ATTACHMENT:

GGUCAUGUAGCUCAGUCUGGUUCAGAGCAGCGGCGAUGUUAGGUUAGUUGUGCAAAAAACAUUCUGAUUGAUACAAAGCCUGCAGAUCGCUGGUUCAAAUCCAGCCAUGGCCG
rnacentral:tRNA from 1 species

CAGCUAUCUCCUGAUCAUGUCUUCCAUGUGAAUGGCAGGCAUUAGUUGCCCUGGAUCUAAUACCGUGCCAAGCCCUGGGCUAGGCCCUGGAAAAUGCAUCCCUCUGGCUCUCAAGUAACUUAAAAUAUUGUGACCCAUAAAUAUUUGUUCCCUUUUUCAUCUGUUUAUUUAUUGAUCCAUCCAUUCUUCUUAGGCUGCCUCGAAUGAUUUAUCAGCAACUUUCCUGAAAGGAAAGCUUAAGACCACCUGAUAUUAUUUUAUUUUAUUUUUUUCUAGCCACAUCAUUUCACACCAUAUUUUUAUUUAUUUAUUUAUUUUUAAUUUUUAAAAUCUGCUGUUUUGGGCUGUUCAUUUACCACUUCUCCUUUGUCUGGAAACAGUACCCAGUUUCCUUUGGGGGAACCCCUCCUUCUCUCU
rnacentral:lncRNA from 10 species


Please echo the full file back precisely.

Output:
GGUCAUGUAGCUCAGUCUGGUUCAGAGCAGCGGCGAUGUUAGGUUAGUUGUGCAAAAAACAUUCUGAUUGAUACAAAGCCUGCAGAUCGCUGGUUCAAAUCCAGCCAUGGCCG
rnacentral:tRNA from 1 species

CAGCUAUCUCCUGAUCAUGUCUUCCAUGUGAAUGGCAGGCAUUAGUUGCCCUGGAUCUAAUACCGUGCCAAGCCCUGGGCUAGGCCCUGGAAAAUGCAUCCCUCUGGCUCUCAAGUAACUUAAAAUAUUGUGACCCAUAAAUAUUUGUUCCCUUUUUCAUCUGUUUAUUUAUUGAUCCAUCCAUUCUUCUUAGGCUGCCUCGAAUGAUUUAUCAGCAACUUUCCUGAAAGGAAAGCUUAAGACCACCUGAUAUUAUUUUAUUUUAUUUUUUUCUAGCCACAUCAUUUCACACCAUAUUUUUAUUUAUUUAUUUAUUUUUAAUUUUUAAAAUCUGCUGUUUUGGGCUGUUCAUUUACCACUUCUCCUUUGUCUGGAAACAGUACCCAGUUUCCUUUGGGGGAACCCCUCCUUCUCUCU
rnacentral:lncRNA from 10 species